Moisture and wood strips


I am building my second kayak, but this time it is in an unheated, uninsultated garage. (I am in Montana, with about 10 inches of wet snow on the ground) A friend of mine is storing my wood in his garage, which is heated. We were going to cut it, plane it and rout in his garage, as he has ample room to cut 20 ft strips.  He has built a lot of kayaks and canoes, but never in my kind of conditions. He is reluctant to cut the strips yet because transporting them from his warm garage to my cold one, he feels will cause a lot of problems. While I agree that epoxy would be a bad idea, I don't know what kind of problems I will find with wood. 

Can any of you add some information to this? I really want to start building now, and not sometime in the next 3 months before it decides to get warm once again. BTW, I think I need to go on a groundhog hunt.

Thanks for your input!


5 replies:

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RE: Moisture and wood strips


You currently have the advantage of dry stable lumber. If at all possible, see if your buddy will let you start your boat in his garage. Challenge will be later moving the strong back. Don't underestimate the effect moisture and temperature[creates condensation=moisture] has on wood. It will change- expand quite a bit particuarly parallel to the grain as the fibers swell. Later when it shrinks back down bad things also might happen- seams or cracks open up. Any moisture still in the wood when you glass will cause ghosting. Or, figure out a way to keep your garage/wood warm & dry. Better yet, build it in the house. Let me know how that goes!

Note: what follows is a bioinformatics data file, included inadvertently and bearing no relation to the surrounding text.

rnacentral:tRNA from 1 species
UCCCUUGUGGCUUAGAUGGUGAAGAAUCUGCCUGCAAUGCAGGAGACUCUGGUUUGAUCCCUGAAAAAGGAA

RE: Moisture and wood strips

I built a Petrel last year on my back porch. Had most of the stripping done by Christmas, but was unable to work on it until March due to the cold weather. The cedar cracked in a number of places. Some of them where 3 feet long.   It was really fun trying to pull the cracked pieces back together instead of just filling with wood/epoxy mixture. That was really upsetting. I did manage to glue the cracks together & its hard to tell looking at it, but I know where they are.

RE: Moisture and wood strips

lol. build in the house. thats a good one. it is a very small house, with only one area long enough to build a 17 foot Great Auk, which is the hallway to the bedroom and the bathroom. The kayak would have about 3 inches on either side to try to get by.  I did find an old cast iron wood stove, cheap. Now to get it in and try not to burn the garage down.

 Thanks guys, for your feedback. It really did help


RE: Moisture and wood strips


I did my strip build in a unheated building. I did have a woodstove to heat things up when working and edge glueing my strips. I believe that because I live in Colorado were the humidity level is typically low that I avoided the problems of cracking as stated in some of the other postings. I did my glass [M.A.S. system] in the same environment and had no fires or explosions and it all worked well.

I have a feeling that you will be recieving replies from those who had no choice but to build in their home. I have seen pictures of these builds with plastic covering floor to ceiling in homes and rentals and have read of the challenges of sanding and using finishes in these less than ideal situations. Were their is a will their is a way--be thankful that you have an out building and happy building..CZ

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